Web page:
Ion Migration Suppressed in Mixed Perovskite Solar Cells

by | Jan 15, 2018

Phase competition in mixed perovskites can be resolved by this dual ion exchange process, which passivates grain boundaries and suppresses ion migration.

Mixed perovskite structures, consisting of (FAPbI3)1−x(MAPbBr3)x, have a lot to recommend them. The inclusion of formamidinium ions is observed to achieve a higher light-harvesting efficiency than devices with methylammonium ions alone, with less hysteresis in the current–voltage curves. Adjusting the ratio of ions also allows the bandgap of the mixed structure to be tuned.

The less desirable side effect for a material containing two different phases is the competition that occurs between them. When the two crystal types are mixed directly (DM) by spin-coating all of the precursors together – the most common method for the generation of mixed perovskite structures – the different crystal types crystallize separately, and this phase competition reduces the crystallinity of the material, introducing defects and leading to a lower reproducibility as well as instabilities in the structure and its performance.

A team working across institutions in Hong Kong and China have developed a dual ion exchange (DIE) method, which looks to resolve these problems by allowing any structural defects forming at the grain boundaries to be healed. Treatment of the FAPbI3 with a methylammonium bromide (MABr)/tert-butanol solution leaves excess MABr on the surface, passivating the grain boundaries by acting to heal any defects appearing during ion exchange.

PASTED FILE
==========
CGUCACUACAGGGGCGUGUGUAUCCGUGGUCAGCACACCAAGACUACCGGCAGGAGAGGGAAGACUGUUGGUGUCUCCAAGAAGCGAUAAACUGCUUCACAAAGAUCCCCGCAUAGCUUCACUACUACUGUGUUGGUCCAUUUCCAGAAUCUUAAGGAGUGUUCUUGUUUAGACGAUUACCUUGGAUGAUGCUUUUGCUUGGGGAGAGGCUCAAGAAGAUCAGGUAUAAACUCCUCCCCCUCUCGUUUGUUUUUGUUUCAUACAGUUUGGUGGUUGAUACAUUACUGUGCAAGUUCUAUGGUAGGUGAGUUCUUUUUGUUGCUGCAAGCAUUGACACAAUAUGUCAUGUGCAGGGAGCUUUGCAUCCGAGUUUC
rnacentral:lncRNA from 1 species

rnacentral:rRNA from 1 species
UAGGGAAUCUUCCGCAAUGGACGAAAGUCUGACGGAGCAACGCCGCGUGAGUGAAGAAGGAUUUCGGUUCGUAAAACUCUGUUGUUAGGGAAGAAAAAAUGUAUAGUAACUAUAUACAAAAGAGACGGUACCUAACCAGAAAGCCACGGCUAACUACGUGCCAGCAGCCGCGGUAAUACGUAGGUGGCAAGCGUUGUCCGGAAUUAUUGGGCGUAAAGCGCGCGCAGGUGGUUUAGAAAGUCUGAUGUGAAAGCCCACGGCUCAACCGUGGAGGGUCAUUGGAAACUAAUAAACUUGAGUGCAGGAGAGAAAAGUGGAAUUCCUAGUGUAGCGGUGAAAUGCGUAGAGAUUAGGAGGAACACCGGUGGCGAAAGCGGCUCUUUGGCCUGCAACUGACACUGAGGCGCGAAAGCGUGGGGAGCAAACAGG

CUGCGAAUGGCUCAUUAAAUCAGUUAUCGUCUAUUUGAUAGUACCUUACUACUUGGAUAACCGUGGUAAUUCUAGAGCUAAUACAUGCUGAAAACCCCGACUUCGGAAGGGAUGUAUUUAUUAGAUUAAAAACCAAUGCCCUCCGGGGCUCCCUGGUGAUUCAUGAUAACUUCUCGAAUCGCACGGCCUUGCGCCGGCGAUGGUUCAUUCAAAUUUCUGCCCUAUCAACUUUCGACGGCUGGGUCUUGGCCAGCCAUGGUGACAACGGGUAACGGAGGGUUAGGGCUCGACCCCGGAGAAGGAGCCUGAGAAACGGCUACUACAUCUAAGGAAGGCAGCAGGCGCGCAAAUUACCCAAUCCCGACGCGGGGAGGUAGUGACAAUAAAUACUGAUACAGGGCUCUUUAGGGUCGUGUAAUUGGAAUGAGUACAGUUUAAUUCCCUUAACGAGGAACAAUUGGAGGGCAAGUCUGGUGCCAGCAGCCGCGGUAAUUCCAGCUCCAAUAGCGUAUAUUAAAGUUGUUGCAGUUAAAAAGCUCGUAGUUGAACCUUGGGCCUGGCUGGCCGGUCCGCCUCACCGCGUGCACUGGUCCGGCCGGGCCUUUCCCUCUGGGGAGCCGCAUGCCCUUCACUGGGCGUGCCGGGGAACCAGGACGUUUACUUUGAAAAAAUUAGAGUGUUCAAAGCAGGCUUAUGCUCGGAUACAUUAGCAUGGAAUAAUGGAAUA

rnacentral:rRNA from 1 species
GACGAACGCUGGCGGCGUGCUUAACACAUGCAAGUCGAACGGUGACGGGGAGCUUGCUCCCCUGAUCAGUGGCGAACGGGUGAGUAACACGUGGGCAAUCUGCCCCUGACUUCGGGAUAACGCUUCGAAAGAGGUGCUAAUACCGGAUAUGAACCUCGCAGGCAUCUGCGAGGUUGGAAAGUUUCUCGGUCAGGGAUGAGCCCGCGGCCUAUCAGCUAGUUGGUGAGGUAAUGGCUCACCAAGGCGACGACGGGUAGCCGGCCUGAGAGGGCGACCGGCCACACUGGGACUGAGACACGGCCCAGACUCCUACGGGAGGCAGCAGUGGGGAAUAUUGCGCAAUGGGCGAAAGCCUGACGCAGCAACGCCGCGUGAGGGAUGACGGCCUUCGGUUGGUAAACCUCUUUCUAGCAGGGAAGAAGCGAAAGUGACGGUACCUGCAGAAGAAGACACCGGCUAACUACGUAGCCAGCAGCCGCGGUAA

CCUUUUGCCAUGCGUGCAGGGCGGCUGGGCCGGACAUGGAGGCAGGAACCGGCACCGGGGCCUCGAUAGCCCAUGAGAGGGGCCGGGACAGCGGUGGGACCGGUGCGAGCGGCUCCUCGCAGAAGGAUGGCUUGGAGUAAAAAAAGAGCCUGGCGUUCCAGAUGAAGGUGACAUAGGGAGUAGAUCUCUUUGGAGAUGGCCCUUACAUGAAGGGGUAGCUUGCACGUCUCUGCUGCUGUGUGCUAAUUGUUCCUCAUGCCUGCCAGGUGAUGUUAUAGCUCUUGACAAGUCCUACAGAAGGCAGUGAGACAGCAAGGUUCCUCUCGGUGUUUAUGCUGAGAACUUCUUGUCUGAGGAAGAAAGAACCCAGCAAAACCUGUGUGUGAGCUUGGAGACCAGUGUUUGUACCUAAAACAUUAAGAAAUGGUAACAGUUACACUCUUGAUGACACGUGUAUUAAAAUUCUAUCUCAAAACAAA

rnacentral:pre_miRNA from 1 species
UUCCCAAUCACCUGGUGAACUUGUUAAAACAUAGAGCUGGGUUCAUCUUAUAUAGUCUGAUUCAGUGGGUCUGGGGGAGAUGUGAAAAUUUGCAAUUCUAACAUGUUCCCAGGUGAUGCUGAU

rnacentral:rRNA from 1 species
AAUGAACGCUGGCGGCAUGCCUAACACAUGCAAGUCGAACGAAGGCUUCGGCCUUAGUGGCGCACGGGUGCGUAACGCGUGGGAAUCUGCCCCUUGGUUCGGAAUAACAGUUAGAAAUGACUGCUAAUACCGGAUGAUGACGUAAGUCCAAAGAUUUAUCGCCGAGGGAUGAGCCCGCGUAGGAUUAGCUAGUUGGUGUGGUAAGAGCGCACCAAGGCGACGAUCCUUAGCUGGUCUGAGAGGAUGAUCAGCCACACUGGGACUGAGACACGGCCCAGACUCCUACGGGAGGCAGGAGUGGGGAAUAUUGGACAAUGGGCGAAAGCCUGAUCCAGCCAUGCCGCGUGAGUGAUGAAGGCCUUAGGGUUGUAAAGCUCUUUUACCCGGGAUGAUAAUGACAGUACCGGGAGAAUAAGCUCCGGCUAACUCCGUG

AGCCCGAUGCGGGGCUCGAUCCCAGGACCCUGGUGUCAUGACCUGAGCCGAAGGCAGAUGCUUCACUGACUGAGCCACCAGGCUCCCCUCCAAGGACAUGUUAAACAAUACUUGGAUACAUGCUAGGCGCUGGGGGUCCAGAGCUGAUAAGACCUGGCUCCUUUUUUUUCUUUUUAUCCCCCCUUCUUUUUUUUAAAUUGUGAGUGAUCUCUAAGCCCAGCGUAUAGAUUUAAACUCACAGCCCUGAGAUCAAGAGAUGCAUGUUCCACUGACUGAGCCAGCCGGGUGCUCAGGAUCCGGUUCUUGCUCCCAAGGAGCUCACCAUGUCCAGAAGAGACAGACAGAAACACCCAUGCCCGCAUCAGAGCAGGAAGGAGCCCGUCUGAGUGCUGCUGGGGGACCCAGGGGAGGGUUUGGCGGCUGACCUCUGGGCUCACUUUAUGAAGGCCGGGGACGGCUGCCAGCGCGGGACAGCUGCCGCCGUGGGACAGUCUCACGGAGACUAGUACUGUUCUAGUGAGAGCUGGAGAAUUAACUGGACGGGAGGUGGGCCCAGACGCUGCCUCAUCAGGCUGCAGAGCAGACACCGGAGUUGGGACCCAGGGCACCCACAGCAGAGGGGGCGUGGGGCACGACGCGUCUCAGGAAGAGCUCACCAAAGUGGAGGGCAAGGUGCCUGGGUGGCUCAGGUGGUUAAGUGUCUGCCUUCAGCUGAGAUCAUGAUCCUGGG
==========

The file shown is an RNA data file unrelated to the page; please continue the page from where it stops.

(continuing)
A visual explanation of how the DIE method works.

Ion migration itself was found to be suppressed, with the system requiring a higher threshold electric field before it could occur.

Comparison of the PCEs achieved using the traditional (DM) and new (DIE) methods.

Another advantage of the DIE method is that it lends a certain moisture stability to the mixed perovskite structure without the need for additional passivating agents, which can cause impurity scattering and a consequent decrease to the power conversion efficiency (PCE). A moisture stability of over one month in a relative humidity of 65% was observed, with an average PCE of 17%.

In fact, using this dual ion exchange process, these researchers achieved a maximum PCE of 18.1% with negligible hysteresis. See how they did it and explore the kinetics of the process by reading their Full Paper in Advanced Energy Materials.



Have you already discovered the Excellence in Energy series? Check out this virtual issue of invited-only reviews from top energy researchers now. Everything is free to read for a limited time.